In this era of partisanship, it is encouraging to see Members of Congress working across the aisle. 59% of Ros-Lehtinen’s 29 bills and resolutions had both a Democratic cosponsor and a Republican cosponsor in the 113th Congress.

Compare to all Florida Delegation (87th percentile); Serving 10+ Years (85th percentile); House Republicans (79th percentile); Safe House Seats (86th percentile); All Representatives (86th percentile).

Only Members of Congress who sponsored more than 10 bills and resolutions are included in this statistic.


 

Ranked the 3rd top leader compared to All Representatives

Our unique leadership analysis looks at who is cosponsoring whose bills. A higher score shows a greater ability to get cosponsors on bills.

For more, see our methodology. Note that because on this page only legislative activity in the 113th Congress is considered, the leadership score here may differ from Ros-Lehtinen’s score elsewhere on GovTrack.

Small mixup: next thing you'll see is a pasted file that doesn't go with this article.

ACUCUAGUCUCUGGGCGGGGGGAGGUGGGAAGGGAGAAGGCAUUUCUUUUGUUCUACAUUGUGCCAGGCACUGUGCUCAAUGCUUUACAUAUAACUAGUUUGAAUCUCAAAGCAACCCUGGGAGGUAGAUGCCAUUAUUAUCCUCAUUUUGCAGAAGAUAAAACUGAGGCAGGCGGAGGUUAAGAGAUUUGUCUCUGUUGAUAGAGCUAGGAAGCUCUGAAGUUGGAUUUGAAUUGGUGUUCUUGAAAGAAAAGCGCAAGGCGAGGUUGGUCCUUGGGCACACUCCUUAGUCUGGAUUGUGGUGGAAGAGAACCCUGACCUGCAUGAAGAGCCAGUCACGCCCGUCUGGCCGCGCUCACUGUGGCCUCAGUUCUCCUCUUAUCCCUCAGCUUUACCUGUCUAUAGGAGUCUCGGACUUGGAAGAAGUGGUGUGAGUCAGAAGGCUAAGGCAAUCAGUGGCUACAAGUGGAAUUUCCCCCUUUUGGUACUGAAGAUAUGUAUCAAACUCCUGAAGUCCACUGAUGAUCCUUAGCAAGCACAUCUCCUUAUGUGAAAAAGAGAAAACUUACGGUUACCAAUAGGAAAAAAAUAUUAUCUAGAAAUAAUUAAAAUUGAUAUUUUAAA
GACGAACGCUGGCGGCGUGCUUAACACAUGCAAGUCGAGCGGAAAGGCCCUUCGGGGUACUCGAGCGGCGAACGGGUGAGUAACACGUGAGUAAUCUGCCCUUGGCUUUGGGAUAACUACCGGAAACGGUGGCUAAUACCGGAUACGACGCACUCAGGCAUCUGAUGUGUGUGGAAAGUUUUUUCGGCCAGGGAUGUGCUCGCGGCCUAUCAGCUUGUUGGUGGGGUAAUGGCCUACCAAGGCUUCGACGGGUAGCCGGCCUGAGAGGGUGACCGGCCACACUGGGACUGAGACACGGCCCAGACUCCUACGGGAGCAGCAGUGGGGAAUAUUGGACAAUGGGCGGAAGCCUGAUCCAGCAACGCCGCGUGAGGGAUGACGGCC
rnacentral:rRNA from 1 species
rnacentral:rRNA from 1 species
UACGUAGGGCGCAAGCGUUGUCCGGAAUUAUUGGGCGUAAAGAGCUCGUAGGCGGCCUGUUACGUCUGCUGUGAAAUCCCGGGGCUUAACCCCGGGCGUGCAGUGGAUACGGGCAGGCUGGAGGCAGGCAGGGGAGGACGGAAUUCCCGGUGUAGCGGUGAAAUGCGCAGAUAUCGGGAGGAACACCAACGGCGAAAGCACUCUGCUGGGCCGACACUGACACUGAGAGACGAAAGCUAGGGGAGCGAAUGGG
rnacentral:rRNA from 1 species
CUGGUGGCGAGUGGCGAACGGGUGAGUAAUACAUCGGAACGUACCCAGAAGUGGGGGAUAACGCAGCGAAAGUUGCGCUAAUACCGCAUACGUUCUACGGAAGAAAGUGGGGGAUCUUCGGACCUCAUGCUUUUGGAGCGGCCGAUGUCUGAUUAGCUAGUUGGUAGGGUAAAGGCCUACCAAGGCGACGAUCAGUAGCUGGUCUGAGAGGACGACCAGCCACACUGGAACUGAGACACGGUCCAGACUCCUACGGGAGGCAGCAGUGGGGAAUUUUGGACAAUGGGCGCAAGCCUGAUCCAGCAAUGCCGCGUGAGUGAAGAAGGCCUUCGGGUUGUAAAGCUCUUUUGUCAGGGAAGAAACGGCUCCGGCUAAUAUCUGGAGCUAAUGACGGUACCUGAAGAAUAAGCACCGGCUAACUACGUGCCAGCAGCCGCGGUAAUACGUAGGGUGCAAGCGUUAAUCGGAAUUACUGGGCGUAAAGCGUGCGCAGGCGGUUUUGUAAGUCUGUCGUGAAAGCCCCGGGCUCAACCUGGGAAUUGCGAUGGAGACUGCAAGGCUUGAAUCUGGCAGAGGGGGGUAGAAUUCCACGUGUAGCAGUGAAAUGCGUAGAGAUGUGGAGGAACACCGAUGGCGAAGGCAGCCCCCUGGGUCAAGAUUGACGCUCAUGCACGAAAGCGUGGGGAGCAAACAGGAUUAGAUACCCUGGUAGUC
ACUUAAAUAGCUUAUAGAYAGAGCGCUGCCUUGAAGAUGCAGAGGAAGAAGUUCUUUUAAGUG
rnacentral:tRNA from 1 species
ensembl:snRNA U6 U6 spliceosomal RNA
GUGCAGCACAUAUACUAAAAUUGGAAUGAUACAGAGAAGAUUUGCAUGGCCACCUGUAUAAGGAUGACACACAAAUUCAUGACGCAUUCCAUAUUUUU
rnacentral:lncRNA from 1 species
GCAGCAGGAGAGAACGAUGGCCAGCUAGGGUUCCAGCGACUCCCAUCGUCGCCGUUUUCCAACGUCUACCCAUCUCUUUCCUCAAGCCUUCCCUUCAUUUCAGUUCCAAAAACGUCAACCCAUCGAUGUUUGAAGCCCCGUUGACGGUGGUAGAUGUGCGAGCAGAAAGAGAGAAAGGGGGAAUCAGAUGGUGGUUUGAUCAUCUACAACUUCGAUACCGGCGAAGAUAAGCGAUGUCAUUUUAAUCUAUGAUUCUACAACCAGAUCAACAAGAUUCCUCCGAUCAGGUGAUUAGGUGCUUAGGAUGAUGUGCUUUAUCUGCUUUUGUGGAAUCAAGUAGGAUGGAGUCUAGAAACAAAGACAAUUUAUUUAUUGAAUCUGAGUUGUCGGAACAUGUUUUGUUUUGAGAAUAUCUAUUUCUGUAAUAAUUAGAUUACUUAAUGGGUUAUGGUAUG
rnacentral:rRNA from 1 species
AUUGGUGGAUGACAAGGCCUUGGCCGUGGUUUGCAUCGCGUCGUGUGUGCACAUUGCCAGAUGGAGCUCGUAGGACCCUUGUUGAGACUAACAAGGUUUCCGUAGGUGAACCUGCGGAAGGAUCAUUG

Compare to all Florida Delegation (93rd percentile); Serving 10+ Years (98th percentile); House Republicans (99th percentile); Safe House Seats (99th percentile); All Representatives (99th percentile).


 

Was 3rd most absent in votes compared to Florida Delegation

Ros-Lehtinen missed 6.1% of votes (73 of 1,204 votes) in the 113th Congress. View Ros-Lehtinen’s Profile »

Compare to all Florida Delegation (89th percentile); Serving 10+ Years (75th percentile); Safe House Seats (82nd percentile); All Representatives (83rd percentile).

The Speaker of the House is not included in this statistic because according to current House rules, the Speaker of the House is not required to vote in “ordinary legislative proceedings, and the delegates from the five island territories and the District of Columbia are also not included because they were not elligible to vote in any roll call votes.


 

Ranked 4th most liberal compared to House Republicans

Our unique ideology analysis assigns a score to Members of Congress according to their legislative behavior by how similar the pattern of bills and resolutions they cosponsor are to other Members of Congress.

For more, see our methodology. Note that because on this page only legislative activity in the 113th Congress is considered, the ideology score here may differ from Ros-Lehtinen’s score elsewhere on GovTrack.